Agriculture starts with seeds and ends on the plate. The cook stands in the middle. By influencing our food habits to become more respectful of family farmers, cooks have the potential to be great “shakers”.
“Link biodiversity with the pleasures of food” by Janneke Brull
The Slow Food movement, the 100-mile Diet, Monsanto and other agriculture giants – awareness of the many issues we face as eaters have, for years now, influenced my choices any time I considered a recipe. Is it in season? (Living in Canada, the answer to that for 9 months of any year, would be no). How was it grown, what’s its carbon footprint… cooking is a responsibility.
As a cook in Mexico, it’s possible to go straight to the source, to cook and eat locally and responsibly. There’s almost always going to be a mercado or tianguis where you can go and buy your ingredients from people who are directly connected to where the food was grown or raised. It’s remarkably easy to stop supporting Big Agriculture.
As I write this, it’s a month after the earthquake. I’m in Mexico City, living in the Roma-Condesa neighborhood.
There was major destruction near my apartment, many lives lost, and while I was lucky to have been spared any damages – aside from lingering anxiety any time a truck passes, shaking the building – several friends who live nearby were displaced from their homes. Resources and assistance, by civilians and international aid, poured into this neighbourhood within hours of the disaster. To call it ‘heartening’ would be an understatement.
This was not true for a great many communities. In less wealthy, less tourist-oriented neighborhoods, assistance came too slowly, people said. No matter how you look at it, the poor don’t have insurance or emergency funds for repairs.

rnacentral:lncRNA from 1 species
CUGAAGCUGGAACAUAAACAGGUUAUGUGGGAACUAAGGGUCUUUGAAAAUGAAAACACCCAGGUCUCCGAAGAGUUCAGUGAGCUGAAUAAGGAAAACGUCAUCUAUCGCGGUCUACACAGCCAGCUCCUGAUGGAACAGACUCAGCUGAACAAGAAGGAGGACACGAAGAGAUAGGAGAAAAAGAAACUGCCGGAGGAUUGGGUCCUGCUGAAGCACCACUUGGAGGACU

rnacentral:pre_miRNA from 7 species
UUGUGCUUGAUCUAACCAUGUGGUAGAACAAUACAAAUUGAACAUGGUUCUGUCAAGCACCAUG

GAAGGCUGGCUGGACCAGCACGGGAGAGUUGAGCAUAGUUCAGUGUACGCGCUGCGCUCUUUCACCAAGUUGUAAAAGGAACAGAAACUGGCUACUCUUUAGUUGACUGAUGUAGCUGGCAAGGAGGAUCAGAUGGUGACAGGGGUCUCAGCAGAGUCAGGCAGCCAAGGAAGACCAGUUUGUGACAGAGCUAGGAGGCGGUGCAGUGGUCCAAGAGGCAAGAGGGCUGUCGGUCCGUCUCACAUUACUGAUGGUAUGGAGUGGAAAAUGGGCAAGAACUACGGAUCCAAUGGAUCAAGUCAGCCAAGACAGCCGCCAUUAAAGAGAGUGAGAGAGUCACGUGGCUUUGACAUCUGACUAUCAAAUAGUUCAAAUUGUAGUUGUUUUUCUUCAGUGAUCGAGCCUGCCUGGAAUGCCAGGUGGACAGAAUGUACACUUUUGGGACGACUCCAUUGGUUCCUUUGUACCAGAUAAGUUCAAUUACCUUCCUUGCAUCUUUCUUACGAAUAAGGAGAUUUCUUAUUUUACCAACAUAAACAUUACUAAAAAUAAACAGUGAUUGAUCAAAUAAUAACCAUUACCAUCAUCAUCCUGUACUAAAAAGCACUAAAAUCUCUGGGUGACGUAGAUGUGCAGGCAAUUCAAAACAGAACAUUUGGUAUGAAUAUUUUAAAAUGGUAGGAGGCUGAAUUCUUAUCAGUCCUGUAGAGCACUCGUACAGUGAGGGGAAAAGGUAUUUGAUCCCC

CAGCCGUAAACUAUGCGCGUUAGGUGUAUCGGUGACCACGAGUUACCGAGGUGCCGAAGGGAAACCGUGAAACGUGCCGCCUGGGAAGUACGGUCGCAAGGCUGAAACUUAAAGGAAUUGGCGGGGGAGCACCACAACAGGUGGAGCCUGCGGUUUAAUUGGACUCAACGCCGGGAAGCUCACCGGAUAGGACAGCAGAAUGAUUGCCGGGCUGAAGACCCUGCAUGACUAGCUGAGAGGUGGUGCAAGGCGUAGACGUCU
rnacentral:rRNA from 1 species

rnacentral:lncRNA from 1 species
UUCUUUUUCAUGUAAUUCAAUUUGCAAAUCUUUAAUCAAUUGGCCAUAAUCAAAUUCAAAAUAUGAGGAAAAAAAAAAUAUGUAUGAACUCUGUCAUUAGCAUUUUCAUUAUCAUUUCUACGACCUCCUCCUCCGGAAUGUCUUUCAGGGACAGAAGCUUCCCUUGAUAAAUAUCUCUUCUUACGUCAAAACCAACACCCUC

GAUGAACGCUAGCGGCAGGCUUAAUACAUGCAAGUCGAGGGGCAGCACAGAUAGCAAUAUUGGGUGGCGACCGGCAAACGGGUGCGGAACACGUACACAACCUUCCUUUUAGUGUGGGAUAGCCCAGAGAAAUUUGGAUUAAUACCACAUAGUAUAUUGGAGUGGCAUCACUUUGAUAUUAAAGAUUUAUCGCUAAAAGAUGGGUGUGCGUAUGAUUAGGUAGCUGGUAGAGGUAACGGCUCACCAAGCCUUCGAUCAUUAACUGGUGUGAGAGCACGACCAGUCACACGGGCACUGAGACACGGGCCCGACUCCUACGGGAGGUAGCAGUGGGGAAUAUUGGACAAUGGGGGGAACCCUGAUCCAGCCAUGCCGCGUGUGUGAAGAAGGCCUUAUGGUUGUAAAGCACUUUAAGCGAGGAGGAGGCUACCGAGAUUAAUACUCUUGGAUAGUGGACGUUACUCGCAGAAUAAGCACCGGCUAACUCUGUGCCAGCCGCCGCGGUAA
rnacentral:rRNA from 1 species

From Tlalpan and Xochimilco in the southern part of the city, to pueblos in Morelos, Puebla, Oaxaca and Chiapas, millions of poor were affected.
In these areas, subsistence milpa farms are the foundation of the local economies. From small, densely productive sustainable agricultural plots, comes beautiful food – the ingredients of their heritage, the base crops being corn, beans, squash and chiles. The community shares what is needed and sell or barter the rest.
In most towns and villages, aside from the mercado(s), tianguis –roaming markets– set up each week at set locations under colorful tarps. These tianguis are typical throughout Mexico –in Mexico City, the sheer number of them is astounding. Amongst the more “commercial” vendors, there are the true regional entrepreneurial growers who have travelled for hours in some case with their baskets of freshly picked produce. In many cases, they are women, sometimes bent and wizened, sometimes with small children in tow.
Outside the Mercado San Juan in the historic centre of Mexico City.